Further on he describes the life that a person trying to be Christ-like is ‘on a living and breathing journey’:
- The journey from hate to love
- The journey from fear to faith
- The journey from insecurity to rest and peace
- The journey from crawling to flying
Dekker like me, and perhaps like you talks about the struggles that too often are swept under the carpet from the church pulpit, but instead, points a condemning finger at a world filled with bad dogs. To the outsider looking in, they sees a church ready to judge. But who are the judges they say; hypocrites who set up rules they themselves secretly struggle with. Some revert to what are considered the darkest of sins and scream at the sinners to repent of their perverted and murderous ways.
Meanwhile, those who say they believe in Jesus, as Dekker continues, ‘are anxious for tomorrow and cringe with fear in the face of the storm. We think and say we love our neighbor and enemies, but we court jealousy of those who have what we want, and we secretly despise those who attack us. We are Christians with various emphases in doctrines. Yet, in our daily lives we seem to be the same, often stumbling in darkness and feeling lost and judging with anger, not only ourselves but all those around us.”
That all resonated with me from my PAST thinking. My view was God is a good God, but He also could be a mad God when we run away and disobey (like my dogs did). Whether it was at Adam and Eve breaking the one and only rule He gave them, or punishing the infidels and immoral ones of Sodom and Gomorrah. My upbringing was an in and out relationship with God. Do the right thing and you make him happy and all is well. Do the wrong thing and earn his wrath. Your life would be hell until you crawled back on your knees to show grievance for going the wrong way.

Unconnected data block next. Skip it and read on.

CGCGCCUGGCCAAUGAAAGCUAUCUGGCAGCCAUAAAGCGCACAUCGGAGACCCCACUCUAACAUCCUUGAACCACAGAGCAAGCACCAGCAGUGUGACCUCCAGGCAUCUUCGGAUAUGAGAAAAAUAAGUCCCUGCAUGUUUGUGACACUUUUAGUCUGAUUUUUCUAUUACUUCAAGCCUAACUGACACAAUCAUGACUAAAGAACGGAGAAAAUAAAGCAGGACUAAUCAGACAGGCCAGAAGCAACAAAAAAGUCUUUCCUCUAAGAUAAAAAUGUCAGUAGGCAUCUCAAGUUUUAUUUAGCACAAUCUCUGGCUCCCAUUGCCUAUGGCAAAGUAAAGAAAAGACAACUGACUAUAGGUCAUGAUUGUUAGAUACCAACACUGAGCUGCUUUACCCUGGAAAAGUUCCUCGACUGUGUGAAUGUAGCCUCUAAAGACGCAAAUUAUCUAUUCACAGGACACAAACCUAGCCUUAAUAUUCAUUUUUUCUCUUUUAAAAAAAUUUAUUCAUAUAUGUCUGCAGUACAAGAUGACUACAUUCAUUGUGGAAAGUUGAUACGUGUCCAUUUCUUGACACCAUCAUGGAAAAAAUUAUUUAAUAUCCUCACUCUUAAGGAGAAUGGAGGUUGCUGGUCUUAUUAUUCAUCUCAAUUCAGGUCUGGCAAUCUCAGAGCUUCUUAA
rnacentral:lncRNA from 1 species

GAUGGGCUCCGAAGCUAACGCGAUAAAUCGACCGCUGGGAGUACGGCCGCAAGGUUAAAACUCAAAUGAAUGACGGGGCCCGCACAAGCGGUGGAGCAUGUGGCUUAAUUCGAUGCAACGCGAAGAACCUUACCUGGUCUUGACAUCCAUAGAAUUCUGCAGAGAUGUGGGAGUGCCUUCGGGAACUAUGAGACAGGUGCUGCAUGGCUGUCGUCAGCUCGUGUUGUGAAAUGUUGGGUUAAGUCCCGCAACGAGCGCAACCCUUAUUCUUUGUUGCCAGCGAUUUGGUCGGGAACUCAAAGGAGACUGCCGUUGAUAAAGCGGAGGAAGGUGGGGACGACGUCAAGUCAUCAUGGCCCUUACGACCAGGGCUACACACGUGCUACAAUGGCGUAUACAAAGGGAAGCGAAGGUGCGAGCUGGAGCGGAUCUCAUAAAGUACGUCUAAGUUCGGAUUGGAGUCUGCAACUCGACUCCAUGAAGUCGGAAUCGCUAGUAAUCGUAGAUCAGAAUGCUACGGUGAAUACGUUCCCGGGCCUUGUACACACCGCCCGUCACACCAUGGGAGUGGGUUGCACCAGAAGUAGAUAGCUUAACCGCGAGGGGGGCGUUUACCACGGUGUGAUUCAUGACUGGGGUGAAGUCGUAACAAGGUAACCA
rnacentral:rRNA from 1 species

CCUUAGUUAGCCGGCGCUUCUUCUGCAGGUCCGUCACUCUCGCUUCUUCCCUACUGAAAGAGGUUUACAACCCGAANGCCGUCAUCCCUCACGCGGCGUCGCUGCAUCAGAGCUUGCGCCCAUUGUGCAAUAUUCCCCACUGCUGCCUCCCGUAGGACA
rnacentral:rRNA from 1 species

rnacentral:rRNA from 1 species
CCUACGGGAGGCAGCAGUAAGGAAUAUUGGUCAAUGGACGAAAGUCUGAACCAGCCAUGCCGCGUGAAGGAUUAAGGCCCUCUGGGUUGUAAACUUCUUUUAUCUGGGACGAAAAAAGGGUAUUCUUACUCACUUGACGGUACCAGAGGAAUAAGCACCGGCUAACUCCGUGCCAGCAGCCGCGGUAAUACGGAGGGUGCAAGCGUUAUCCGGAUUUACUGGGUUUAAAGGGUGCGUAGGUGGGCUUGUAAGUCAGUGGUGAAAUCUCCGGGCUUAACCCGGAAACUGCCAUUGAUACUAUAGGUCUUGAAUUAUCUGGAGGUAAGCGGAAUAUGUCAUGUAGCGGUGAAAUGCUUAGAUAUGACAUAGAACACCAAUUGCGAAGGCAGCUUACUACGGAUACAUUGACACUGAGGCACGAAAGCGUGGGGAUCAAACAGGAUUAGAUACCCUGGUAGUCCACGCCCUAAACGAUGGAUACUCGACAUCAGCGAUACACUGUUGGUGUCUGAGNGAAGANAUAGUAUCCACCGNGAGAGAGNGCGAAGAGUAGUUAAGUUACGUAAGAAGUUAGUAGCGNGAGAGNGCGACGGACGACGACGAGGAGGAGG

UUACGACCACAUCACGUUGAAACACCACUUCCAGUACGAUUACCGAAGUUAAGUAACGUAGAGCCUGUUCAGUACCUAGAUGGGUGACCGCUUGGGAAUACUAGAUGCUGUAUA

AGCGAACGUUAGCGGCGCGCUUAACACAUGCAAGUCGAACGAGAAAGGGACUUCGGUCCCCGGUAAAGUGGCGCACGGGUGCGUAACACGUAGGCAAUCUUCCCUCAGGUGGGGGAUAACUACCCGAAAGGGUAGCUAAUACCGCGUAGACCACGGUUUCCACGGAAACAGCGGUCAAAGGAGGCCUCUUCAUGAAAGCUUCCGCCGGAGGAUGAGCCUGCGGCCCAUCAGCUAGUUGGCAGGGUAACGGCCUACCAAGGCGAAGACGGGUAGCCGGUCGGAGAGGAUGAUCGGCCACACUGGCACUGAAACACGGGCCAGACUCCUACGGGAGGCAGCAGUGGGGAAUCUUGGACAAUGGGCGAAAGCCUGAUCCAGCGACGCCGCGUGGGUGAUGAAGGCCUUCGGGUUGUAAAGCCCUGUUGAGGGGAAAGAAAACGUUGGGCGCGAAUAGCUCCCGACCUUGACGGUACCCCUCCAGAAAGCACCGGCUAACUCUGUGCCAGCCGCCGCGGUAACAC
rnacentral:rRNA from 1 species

Who wants a life like that, just like a dog stuck in a bad dog, good dog, up and down relationship? So the really good born-again Christian goes to church often, prays, tithes, serves, reads her Bible daily and all puts her in favor with God. Sure, you’ll stumble once in a while. The formula to forgiveness, repent or confess your bad deeds, and make sure you cower and really show your remorse, and then God’s grace kicks in and all will be well again. Now get back to that tithing and serving and do not do ‘it’ ever again.
I came to conclusion a what seems just a short while ago, as it is tough to break old thinking;
The reflection of how we think God sees us, controls our whole identity.
Like my dogs, when they think I am happy, they are happy. They help make me happy when I return from a long trip and they sprint out to greet me as happy as can be. But man, when I am mad, they cower and run and hide. (Even if it is while yelling at the TV watching a football game) The perspective would hold true than, that if I mess up, than because I feel rotten, God must be mad at me as well, and vice versa. No? No. Really, No!!!
Dekker shares what he called a deeper awakening, one I share and am learning to grasp, more each day. In the midst of deep reflection, actually after tasting much success after years of struggle an awakening set of questions penetrated Dekker’s mind;
- “Does your Father (God) not love you with the same love that He asks you to love others?” “What is love?”